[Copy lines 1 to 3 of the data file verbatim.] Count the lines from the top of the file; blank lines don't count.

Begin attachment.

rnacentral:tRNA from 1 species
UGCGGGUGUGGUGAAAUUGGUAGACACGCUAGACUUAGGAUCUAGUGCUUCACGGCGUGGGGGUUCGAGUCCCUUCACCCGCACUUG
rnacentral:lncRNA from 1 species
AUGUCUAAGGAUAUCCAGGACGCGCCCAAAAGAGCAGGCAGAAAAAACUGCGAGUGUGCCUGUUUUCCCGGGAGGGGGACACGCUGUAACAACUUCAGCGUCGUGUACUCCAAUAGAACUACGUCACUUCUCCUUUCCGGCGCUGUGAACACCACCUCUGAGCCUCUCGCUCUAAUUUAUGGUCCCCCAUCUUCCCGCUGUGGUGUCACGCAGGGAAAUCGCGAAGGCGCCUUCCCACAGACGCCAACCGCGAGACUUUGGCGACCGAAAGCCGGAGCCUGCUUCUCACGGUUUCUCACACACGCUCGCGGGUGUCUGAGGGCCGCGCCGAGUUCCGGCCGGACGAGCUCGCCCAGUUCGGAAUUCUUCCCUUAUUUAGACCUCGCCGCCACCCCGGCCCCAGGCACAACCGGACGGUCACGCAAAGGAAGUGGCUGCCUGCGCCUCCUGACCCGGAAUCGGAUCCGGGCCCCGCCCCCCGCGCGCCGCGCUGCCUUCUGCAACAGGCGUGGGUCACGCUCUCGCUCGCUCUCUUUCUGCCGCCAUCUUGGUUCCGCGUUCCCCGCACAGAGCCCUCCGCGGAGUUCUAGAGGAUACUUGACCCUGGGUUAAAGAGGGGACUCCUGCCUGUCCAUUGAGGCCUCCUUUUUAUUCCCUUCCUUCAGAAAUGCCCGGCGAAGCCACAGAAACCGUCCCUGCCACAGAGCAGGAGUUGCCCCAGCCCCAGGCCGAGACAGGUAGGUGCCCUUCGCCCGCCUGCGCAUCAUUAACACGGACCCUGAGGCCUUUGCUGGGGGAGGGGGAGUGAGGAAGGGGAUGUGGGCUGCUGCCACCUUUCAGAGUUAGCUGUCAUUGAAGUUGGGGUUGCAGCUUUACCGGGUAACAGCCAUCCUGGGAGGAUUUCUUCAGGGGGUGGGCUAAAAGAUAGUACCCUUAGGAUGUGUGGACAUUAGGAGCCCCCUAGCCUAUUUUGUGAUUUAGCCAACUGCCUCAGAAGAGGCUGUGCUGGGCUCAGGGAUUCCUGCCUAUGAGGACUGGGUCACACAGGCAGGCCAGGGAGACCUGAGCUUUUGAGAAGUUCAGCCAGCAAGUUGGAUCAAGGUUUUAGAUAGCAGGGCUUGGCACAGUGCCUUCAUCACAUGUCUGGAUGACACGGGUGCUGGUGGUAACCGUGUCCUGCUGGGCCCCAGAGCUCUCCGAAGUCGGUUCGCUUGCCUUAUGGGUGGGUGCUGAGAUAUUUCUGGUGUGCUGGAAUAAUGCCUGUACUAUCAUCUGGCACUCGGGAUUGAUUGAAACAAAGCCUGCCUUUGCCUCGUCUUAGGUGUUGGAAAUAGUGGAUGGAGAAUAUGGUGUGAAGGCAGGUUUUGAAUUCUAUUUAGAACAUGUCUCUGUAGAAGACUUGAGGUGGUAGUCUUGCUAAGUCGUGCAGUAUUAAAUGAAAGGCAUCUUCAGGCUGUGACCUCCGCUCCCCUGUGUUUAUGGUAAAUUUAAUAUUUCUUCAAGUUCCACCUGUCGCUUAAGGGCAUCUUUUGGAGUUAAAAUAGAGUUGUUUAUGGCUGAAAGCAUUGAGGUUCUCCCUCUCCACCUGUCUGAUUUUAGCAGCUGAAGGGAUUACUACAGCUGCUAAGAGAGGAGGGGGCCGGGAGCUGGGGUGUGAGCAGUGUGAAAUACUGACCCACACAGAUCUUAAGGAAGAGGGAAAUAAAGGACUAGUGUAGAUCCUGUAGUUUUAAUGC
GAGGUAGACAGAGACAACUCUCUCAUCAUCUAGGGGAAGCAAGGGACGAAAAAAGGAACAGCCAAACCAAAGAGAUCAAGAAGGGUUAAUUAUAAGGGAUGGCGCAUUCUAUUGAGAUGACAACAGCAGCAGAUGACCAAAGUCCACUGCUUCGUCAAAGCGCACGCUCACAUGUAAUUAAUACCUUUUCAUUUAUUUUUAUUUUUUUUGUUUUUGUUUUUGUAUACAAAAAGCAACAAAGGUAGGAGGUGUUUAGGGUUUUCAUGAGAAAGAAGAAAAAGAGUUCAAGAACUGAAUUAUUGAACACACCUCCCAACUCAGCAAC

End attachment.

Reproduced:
rnacentral:tRNA from 1 species
UGCGGGUGUGGUGAAAUUGGUAGACACGCUAGACUUAGGAUCUAGUGCUUCACGGCGUGGGGGUUCGAGUCCCUUCACCCGCACUUG
rnacentral:lncRNA from 1 species